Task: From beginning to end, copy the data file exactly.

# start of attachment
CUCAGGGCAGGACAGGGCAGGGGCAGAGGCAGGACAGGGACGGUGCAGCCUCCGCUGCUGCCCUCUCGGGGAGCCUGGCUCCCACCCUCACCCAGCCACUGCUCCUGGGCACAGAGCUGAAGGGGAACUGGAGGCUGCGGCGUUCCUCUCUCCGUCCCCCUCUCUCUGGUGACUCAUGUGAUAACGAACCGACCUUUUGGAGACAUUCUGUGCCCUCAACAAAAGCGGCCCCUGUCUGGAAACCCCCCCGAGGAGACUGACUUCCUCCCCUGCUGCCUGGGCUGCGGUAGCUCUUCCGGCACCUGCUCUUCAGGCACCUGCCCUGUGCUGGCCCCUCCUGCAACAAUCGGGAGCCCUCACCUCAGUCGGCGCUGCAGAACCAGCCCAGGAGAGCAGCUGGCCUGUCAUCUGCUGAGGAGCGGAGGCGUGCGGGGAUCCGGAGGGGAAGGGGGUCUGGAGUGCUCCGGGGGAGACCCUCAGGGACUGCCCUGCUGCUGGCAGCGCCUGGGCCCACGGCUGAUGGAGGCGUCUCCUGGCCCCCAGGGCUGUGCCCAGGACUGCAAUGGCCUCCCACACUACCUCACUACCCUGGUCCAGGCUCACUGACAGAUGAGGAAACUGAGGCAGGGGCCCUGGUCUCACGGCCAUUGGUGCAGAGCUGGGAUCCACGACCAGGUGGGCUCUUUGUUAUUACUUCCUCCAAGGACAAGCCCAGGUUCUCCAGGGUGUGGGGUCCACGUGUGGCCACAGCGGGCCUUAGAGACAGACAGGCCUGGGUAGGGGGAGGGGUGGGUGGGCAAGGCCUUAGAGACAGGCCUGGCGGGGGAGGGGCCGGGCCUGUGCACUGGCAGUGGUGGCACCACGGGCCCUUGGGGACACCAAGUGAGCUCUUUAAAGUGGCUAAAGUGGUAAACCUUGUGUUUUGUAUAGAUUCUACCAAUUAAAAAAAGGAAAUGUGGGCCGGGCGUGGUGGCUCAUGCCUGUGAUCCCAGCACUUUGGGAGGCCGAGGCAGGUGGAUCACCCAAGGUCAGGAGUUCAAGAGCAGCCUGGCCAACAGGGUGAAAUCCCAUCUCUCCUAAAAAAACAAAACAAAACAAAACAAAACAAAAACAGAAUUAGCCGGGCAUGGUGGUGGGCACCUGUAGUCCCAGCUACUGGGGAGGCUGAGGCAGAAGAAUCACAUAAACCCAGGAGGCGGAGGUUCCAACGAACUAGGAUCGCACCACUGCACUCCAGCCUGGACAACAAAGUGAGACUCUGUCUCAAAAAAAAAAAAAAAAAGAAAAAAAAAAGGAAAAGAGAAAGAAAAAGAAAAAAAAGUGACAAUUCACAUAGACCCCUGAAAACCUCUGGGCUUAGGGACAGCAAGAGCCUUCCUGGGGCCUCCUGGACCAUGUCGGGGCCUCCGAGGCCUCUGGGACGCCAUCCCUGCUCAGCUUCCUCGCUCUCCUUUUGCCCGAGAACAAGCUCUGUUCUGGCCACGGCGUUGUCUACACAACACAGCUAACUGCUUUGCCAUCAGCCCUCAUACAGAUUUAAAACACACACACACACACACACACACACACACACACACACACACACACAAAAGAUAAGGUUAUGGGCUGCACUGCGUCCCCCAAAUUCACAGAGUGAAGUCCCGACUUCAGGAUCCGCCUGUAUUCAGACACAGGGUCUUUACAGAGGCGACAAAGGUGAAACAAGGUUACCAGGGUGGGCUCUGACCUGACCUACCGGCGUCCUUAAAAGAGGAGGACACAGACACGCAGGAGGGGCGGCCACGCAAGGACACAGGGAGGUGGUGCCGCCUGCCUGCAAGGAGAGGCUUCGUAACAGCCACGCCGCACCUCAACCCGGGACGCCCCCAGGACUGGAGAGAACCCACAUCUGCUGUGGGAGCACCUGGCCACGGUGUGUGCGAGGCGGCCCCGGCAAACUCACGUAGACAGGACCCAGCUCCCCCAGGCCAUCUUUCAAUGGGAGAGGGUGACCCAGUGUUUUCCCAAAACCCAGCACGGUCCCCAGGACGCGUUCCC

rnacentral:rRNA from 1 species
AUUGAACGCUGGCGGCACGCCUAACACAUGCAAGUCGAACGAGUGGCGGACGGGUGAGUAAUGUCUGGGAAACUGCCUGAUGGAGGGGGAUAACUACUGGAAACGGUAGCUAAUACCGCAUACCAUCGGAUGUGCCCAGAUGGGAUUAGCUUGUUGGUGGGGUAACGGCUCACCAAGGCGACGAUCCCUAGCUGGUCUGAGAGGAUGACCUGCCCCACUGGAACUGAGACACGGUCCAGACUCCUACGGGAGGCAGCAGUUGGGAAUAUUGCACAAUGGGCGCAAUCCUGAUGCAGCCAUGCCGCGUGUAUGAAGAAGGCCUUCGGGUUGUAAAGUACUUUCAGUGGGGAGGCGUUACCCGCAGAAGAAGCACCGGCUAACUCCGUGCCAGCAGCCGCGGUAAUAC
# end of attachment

CUCAGGGCAGGACAGGGCAGGGGCAGAGGCAGGACAGGGACGGUGCAGCCUCCGCUGCUGCCCUCUCGGGGAGCCUGGCUCCCACCCUCACCCAGCCACUGCUCCUGGGCACAGAGCUGAAGGGGAACUGGAGGCUGCGGCGUUCCUCUCUCCGUCCCCCUCUCUCUGGUGACUCAUGUGAUAACGAACCGACCUUUUGGAGACAUUCUGUGCCCUCAACAAAAGCGGCCCCUGUCUGGAAACCCCCCCGAGGAGACUGACUUCCUCCCCUGCUGCCUGGGCUGCGGUAGCUCUUCCGGCACCUGCUCUUCAGGCACCUGCCCUGUGCUGGCCCCUCCUGCAACAAUCGGGAGCCCUCACCUCAGUCGGCGCUGCAGAACCAGCCCAGGAGAGCAGCUGGCCUGUCAUCUGCUGAGGAGCGGAGGCGUGCGGGGAUCCGGAGGGGAAGGGGGUCUGGAGUGCUCCGGGGGAGACCCUCAGGGACUGCCCUGCUGCUGGCAGCGCCUGGGCCCACGGCUGAUGGAGGCGUCUCCUGGCCCCCAGGGCUGUGCCCAGGACUGCAAUGGCCUCCCACACUACCUCACUACCCUGGUCCAGGCUCACUGACAGAUGAGGAAACUGAGGCAGGGGCCCUGGUCUCACGGCCAUUGGUGCAGAGCUGGGAUCCACGACCAGGUGGGCUCUUUGUUAUUACUUCCUCCAAGGACAAGCCCAGGUUCUCCAGGGUGUGGGGUCCACGUGUGGCCACAGCGGGCCUUAGAGACAGACAGGCCUGGGUAGGGGGAGGGGUGGGUGGGCAAGGCCUUAGAGACAGGCCUGGCGGGGGAGGGGCCGGGCCUGUGCACUGGCAGUGGUGGCACCACGGGCCCUUGGGGACACCAAGUGAGCUCUUUAAAGUGGCUAAAGUGGUAAACCUUGUGUUUUGUAUAGAUUCUACCAAUUAAAAAAAGGAAAUGUGGGCCGGGCGUGGUGGCUCAUGCCUGUGAUCCCAGCACUUUGGGAGGCCGAGGCAGGUGGAUCACCCAAGGUCAGGAGUUCAAGAGCAGCCUGGCCAACAGGGUGAAAUCCCAUCUCUCCUAAAAAAACAAAACAAAACAAAACAAAACAAAAACAGAAUUAGCCGGGCAUGGUGGUGGGCACCUGUAGUCCCAGCUACUGGGGAGGCUGAGGCAGAAGAAUCACAUAAACCCAGGAGGCGGAGGUUCCAACGAACUAGGAUCGCACCACUGCACUCCAGCCUGGACAACAAAGUGAGACUCUGUCUCAAAAAAAAAAAAAAAAAGAAAAAAAAAAGGAAAAGAGAAAGAAAAAGAAAAAAAAGUGACAAUUCACAUAGACCCCUGAAAACCUCUGGGCUUAGGGACAGCAAGAGCCUUCCUGGGGCCUCCUGGACCAUGUCGGGGCCUCCGAGGCCUCUGGGACGCCAUCCCUGCUCAGCUUCCUCGCUCUCCUUUUGCCCGAGAACAAGCUCUGUUCUGGCCACGGCGUUGUCUACACAACACAGCUAACUGCUUUGCCAUCAGCCCUCAUACAGAUUUAAAACACACACACACACACACACACACACACACACACACACACACACACAAAAGAUAAGGUUAUGGGCUGCACUGCGUCCCCCAAAUUCACAGAGUGAAGUCCCGACUUCAGGAUCCGCCUGUAUUCAGACACAGGGUCUUUACAGAGGCGACAAAGGUGAAACAAGGUUACCAGGGUGGGCUCUGACCUGACCUACCGGCGUCCUUAAAAGAGGAGGACACAGACACGCAGGAGGGGCGGCCACGCAAGGACACAGGGAGGUGGUGCCGCCUGCCUGCAAGGAGAGGCUUCGUAACAGCCACGCCGCACCUCAACCCGGGACGCCCCCAGGACUGGAGAGAACCCACAUCUGCUGUGGGAGCACCUGGCCACGGUGUGUGCGAGGCGGCCCCGGCAAACUCACGUAGACAGGACCCAGCUCCCCCAGGCCAUCUUUCAAUGGGAGAGGGUGACCCAGUGUUUUCCCAAAACCCAGCACGGUCCCCAGGACGCGUUCCC

rnacentral:rRNA from 1 species
AUUGAACGCUGGCGGCACGCCUAACACAUGCAAGUCGAACGAGUGGCGGACGGGUGAGUAAUGUCUGGGAAACUGCCUGAUGGAGGGGGAUAACUACUGGAAACGGUAGCUAAUACCGCAUACCAUCGGAUGUGCCCAGAUGGGAUUAGCUUGUUGGUGGGGUAACGGCUCACCAAGGCGACGAUCCCUAGCUGGUCUGAGAGGAUGACCUGCCCCACUGGAACUGAGACACGGUCCAGACUCCUACGGGAGGCAGCAGUUGGGAAUAUUGCACAAUGGGCGCAAUCCUGAUGCAGCCAUGCCGCGUGUAUGAAGAAGGCCUUCGGGUUGUAAAGUACUUUCAGUGGGGAGGCGUUACCCGCAGAAGAAGCACCGGCUAACUCCGUGCCAGCAGCCGCGGUAAUAC